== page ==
Egypt: Democracy, Coup and a Muslim Brotherhood

By Konye Obaji Ori
Posted on Tuesday, 19 June 2012 15:41

Muslim Brotherhood candidate Mohammed Mursi has claimed victory in Egypt’s first post-Mubarak presidential election amid concerns by the international community over the unwillingness of the Egyptian military to relinquish power.

As elections closed on Sunday evening, the ruling military- the Supreme Council of Armed Forces (SCAF) – allotted a new constitutional document replacing an original declaration the military had issued after the uprising that ousted Hosni Mubarak’s regime in March 2011.

SCAF have embroidered on its ruling generals wide-ranging powers over the country.

According to experts, the new SCAF constitutional document effectively stripped authority from a new civilian government.

“This is a critical moment in Egypt and the world is watching closely. We are particularly concerned about decisions that appear to prolong the military’s hold on power,” US State Department spokeswoman Victoria Nuland told a news conference on Monday.

The ruling military council announced the de facto martial law that gives the armed forces control over the legislature and national budget, as well as granting the generals veto power on a new constitution that is to be written by a chosen panel.

Despite SCARF’s declaration of power, the Muslim Brotherhood’s political arm on Monday insisted Egypt’s parliament still had the power to legislate.

The U.S. State Department and the Pentagon urged SCAF has however appealed to the Egyptian military to make good on pledges for a swift transfer of power to a civilian government.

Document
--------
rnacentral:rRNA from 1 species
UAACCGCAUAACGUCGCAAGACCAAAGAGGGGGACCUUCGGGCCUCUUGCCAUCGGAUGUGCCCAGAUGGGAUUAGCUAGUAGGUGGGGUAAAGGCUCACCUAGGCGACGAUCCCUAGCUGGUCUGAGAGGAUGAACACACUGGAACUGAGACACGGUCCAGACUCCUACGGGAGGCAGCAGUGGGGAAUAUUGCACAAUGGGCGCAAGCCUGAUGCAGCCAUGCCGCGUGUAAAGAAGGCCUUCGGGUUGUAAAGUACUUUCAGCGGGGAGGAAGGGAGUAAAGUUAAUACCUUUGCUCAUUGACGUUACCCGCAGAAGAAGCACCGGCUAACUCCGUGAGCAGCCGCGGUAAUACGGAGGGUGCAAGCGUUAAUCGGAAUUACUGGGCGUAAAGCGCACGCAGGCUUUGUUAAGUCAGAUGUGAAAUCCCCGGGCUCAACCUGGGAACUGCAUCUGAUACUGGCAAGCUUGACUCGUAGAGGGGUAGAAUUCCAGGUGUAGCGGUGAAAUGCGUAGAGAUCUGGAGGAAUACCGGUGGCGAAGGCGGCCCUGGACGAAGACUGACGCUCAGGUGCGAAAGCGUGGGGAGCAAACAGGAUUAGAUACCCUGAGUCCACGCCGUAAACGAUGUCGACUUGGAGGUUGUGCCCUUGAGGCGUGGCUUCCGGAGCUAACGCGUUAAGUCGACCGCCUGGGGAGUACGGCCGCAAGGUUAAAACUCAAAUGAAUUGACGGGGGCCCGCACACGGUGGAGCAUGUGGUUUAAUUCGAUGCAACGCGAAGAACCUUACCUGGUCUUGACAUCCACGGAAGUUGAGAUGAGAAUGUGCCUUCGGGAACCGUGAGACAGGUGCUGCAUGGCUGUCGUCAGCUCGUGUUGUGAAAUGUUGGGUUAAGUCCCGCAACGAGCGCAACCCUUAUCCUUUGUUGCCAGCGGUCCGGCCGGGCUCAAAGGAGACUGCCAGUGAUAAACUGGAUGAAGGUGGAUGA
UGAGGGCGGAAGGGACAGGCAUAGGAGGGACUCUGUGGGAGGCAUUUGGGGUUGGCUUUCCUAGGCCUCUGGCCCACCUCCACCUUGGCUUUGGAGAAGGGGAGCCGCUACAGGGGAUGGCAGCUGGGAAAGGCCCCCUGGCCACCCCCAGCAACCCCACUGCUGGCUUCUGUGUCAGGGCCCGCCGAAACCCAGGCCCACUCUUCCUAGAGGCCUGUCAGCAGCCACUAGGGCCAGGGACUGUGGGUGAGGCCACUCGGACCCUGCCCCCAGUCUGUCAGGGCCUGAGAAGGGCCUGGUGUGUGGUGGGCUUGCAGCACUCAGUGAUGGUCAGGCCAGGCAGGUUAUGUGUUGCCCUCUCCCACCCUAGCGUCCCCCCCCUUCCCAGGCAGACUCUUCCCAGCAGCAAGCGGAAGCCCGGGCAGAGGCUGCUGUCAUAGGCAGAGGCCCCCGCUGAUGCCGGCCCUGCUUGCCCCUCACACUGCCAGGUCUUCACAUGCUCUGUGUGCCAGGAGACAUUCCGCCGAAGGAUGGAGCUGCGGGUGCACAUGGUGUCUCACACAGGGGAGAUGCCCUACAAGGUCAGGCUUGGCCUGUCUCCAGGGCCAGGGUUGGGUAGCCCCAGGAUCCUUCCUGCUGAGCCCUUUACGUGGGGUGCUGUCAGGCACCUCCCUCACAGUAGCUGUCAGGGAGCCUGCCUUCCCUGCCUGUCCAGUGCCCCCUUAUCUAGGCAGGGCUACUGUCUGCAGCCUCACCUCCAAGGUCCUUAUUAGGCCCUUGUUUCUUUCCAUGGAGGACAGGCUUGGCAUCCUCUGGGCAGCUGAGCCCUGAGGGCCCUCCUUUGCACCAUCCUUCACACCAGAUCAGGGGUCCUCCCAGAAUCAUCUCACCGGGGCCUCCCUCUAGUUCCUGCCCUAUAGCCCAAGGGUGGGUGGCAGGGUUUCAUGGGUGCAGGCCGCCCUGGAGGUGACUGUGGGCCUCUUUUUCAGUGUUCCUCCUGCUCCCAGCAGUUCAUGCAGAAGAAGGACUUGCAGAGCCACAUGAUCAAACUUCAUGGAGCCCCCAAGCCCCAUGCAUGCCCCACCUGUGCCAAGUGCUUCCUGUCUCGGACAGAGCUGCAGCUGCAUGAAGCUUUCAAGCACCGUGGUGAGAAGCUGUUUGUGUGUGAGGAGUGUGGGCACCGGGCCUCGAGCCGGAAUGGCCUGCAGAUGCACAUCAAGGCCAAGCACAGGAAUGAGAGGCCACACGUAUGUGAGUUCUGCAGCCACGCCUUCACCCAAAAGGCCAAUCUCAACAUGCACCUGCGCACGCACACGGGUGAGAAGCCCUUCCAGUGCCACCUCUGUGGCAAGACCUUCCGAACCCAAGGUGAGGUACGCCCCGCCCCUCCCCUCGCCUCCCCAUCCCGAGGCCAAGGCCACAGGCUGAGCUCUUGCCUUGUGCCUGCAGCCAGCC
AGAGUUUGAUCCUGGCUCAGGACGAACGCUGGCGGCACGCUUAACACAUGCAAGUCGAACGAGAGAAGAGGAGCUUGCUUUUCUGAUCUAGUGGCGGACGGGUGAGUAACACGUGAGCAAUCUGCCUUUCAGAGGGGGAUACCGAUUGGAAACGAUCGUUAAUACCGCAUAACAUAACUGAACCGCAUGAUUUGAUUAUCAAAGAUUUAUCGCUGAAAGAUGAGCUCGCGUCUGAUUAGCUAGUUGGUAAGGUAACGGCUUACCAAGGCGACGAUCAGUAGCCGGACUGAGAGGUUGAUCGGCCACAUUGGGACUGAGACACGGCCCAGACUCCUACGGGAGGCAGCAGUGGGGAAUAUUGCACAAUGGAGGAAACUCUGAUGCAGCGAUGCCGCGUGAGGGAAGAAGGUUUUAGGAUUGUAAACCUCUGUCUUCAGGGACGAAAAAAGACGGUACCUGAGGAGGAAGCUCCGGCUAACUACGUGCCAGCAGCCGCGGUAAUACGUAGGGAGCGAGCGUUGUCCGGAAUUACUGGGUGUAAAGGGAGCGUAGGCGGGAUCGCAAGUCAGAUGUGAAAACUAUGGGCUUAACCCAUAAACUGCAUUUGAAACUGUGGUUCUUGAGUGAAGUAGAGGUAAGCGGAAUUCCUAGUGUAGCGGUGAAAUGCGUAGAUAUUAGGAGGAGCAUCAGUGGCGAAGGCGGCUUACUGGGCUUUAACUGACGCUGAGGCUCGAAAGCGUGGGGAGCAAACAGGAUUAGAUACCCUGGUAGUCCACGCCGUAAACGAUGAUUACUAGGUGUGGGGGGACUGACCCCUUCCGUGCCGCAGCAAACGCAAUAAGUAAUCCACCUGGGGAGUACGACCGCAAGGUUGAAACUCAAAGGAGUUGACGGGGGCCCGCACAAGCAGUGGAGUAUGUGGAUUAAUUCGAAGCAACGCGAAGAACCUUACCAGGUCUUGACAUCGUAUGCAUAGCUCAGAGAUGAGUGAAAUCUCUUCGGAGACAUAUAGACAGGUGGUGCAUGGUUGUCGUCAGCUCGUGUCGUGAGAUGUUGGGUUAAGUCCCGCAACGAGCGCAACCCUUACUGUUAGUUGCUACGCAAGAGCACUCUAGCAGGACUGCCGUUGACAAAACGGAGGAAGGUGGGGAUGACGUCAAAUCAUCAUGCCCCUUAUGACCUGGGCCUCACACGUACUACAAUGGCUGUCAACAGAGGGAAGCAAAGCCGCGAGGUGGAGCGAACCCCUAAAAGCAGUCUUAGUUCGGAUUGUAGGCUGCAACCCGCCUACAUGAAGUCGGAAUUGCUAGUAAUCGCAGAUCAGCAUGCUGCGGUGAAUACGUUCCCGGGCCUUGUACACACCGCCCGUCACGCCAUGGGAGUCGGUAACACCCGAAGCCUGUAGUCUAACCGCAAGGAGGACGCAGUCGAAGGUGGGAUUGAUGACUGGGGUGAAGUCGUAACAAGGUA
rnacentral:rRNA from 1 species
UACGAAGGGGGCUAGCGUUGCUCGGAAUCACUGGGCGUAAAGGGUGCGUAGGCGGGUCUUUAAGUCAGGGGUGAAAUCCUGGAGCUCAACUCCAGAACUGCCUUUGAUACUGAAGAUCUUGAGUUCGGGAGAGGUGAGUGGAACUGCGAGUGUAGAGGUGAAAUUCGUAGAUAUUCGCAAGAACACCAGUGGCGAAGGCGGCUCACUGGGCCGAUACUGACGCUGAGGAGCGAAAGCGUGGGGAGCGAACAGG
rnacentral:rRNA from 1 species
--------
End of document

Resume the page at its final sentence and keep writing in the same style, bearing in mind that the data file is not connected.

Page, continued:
“We call on the Supreme Council of the Armed Forces to restore popular and international confidence in the democratic transition process, by following through on their stated commitments to an inclusive constitutional drafting process, the timely seating of a democratically elected parliament and the swift permanent transfer of power to a civilian government,” Nuland added.

The international community expected the military to hand over complete power to elected civilian leaders as it has promised.

An established win for Mursi would be historic in that it would be the first time Islamists have taken the presidency of Egypt.

The US military, which has forged strong ties to the Egyptian armed forces over decades, said Egypt’s transition must continue by a successful transition to democracy.

“We have and will continue to urge the SCAF to relinquish power to civilian elected authorities,” Pentagon spokesman George Little told reporters.

The concerns posed by SCAF have also been exacerbated by events in the Sinai Peninsula.

Since Mubarak stepped down in February 2011, Sinai has been plagued with unrest, fueling fears in Israel.

Egypt has an enduring role as a security partner to the United States and Israel, and leader in promoting regional stability.

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